When I was in junior high school, my best friend was one of five kids. Brynna was the second oldest, and shared a room with the only other girl, her sister who was the youngest and at least 6 or 7 years younger than she was. In junior high friends are very important, and we spent a lot of time together -- her with my family and me with hers, after school, on the weekends, and even on summer vacations.
I loved all the activity at her house, and the way that Brynna stuck up for her younger siblings. It made me wonder if I would like to have a large family. By the time I was grown and married, I knew that I wanted children, but was sure that two or three would be plenty.
At my husband's urging, we waited for five years after we were married before we got pregnant with our first child. I felt like I was ready to have a child much sooner than that, but honestly, it was as much an excuse to quit working and become a full-time homemaker as anything, and I ended up agreeing with Terry that job dissatisfaction was a bad reason to have a child.
Since people begin asking right away, "When are you going to have another child?" Terry and I started the dialogue, and he was unwilling to commit to another child. Knowing him as I do now, I know that he was not ready to start the discussion, but when he was ready, he broached the subject. In the meantime, how did I decide? How did I come to terms with the fact that we disagreed on when/if to have another child and that this is an issue which has no compromise?
I did just as Mary Ostyn suggests in her book, which I just reviewed on 5 Minutes for Mom, A Sane Woman's Guide to Raising a Large Family. Wait and pray. Eventually we both reached agreement. Kyle and Amanda are 5 1/2 years apart, and while I would not have thought that it was an ideal span, it has turned out to be a great thing for me and my husband.
Yes, it's easier. I still struggle with patience, and I know that moms of many are quicker learners in this desirable character trait. Financially, college tuition will be spread out. Activity-wise, we haven't had any conflicts because only Amanda is involved in sports and clubs for now. I had thought that sibling rivalry and bickering wouldn't be an issue, but it is, although probably not as much as in closer siblings. They don't play together as much as siblings closer in age (or same sex), but I'm surprised at how close they are. In addition, as in a larger family, Amanda is responsible for helping me out with her brother. She's not quite babysitting yet, but will be soon. The fact that she's been a helper since he was born will help her with babysitting other children in the future.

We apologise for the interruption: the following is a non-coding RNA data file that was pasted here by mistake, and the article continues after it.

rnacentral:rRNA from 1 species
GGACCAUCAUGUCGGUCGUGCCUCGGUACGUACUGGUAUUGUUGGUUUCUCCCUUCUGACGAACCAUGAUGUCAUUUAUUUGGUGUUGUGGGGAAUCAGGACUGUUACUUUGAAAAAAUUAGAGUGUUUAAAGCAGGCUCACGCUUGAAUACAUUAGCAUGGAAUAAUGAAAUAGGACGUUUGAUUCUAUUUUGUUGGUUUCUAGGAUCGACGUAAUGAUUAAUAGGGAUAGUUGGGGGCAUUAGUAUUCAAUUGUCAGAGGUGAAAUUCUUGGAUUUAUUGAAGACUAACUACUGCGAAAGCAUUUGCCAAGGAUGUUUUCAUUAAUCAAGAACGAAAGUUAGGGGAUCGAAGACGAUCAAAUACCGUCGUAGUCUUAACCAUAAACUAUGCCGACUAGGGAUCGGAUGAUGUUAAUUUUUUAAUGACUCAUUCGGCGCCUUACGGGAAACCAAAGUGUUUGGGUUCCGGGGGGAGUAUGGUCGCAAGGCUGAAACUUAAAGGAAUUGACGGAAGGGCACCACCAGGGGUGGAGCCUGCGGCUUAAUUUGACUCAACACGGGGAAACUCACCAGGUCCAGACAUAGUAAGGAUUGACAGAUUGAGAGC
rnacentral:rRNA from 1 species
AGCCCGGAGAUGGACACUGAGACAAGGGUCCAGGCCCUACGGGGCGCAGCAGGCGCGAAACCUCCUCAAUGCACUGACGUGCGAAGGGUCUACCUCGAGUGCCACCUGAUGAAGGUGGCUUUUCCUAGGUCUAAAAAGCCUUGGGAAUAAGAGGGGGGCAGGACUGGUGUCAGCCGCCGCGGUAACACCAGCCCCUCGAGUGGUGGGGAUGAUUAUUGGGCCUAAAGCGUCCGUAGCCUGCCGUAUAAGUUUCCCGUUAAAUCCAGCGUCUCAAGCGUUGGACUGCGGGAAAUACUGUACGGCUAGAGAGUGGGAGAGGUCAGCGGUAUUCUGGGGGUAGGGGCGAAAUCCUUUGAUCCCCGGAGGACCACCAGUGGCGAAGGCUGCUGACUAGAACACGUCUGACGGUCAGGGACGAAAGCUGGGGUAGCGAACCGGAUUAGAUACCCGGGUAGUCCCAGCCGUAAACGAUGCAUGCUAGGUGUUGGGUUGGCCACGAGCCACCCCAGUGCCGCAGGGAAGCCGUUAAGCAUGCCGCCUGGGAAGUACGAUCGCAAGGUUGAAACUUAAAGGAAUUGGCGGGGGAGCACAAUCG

Since Amanda was an only child for so long, one mistake I made was putting some things off. Things that I thought would be better to do if we were a bigger family -- a "real" family -- such as family activities. Many people mistakenly assume that single child families result in spoiled children, and I can honestly say from my experience that our family was probably less child-centered then than it is now.
I know that this is the perfect God-given family for us. That certainly doesn't mean that we are perfect or that I am a perfect mom. Far far from that. However, it confirms that one family-size or means of growing that family are not for everyone. If two people agree and seek God's leading about the how's and why's and when's of building a family, then I think that ultimately that family will be blessed.
What about you? Did your initial thoughts about family size change over the years? Was it difficult for you and your spouse to come to terms on the how's and why's? Do you know for sure that your family is complete, or are you unsure?
Read my thoughts of Mary Ostyn's book A Sane Woman's Guide to Raising a Large Family. I found it delightful and whether or not you are familiar with her Owlhaven blog, I think that you will find her writing to be informative and accessible. You can also enter to win a copy.